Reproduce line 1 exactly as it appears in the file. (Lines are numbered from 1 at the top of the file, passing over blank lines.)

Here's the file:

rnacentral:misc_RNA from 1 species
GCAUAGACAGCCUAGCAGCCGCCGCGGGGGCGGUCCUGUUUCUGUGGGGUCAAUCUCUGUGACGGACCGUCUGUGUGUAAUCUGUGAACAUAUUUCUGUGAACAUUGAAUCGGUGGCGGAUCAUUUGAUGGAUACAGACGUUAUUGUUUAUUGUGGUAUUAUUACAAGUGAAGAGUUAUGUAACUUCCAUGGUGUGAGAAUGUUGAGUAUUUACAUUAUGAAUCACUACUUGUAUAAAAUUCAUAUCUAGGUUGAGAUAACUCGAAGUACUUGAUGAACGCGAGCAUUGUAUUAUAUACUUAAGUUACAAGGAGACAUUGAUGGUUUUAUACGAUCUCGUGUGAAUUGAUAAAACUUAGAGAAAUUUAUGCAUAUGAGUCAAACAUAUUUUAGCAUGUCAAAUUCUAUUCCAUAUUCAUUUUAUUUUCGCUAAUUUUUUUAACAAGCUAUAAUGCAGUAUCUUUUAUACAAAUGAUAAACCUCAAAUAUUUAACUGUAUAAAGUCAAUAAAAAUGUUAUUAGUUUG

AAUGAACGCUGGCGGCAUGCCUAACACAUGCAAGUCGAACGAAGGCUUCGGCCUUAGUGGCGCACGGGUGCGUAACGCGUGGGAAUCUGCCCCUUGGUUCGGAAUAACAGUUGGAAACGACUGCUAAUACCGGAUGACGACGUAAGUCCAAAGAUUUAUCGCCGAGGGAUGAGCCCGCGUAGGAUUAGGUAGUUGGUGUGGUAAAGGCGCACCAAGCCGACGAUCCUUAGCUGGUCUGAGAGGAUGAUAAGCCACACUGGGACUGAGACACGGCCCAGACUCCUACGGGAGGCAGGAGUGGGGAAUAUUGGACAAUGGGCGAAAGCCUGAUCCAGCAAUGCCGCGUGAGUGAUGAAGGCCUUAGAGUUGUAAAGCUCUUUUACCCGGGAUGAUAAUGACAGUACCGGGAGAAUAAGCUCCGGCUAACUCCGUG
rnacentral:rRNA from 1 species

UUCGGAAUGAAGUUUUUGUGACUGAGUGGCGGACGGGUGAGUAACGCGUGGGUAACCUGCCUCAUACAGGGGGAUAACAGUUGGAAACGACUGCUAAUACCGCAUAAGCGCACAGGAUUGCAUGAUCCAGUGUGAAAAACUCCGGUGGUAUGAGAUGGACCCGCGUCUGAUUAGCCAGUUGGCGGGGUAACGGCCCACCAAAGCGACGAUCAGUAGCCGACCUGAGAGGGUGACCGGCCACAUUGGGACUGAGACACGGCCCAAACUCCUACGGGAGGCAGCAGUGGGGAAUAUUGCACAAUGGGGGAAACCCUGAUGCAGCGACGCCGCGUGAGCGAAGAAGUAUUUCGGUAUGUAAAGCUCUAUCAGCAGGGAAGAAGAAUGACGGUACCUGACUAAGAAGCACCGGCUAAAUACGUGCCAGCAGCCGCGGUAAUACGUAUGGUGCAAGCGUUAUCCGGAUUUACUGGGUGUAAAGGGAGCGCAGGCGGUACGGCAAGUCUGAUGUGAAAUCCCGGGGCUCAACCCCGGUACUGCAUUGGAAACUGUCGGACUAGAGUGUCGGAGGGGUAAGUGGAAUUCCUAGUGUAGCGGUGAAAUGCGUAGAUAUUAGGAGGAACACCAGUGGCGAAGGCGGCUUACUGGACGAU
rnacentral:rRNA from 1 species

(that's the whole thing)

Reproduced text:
rnacentral:misc_RNA from 1 species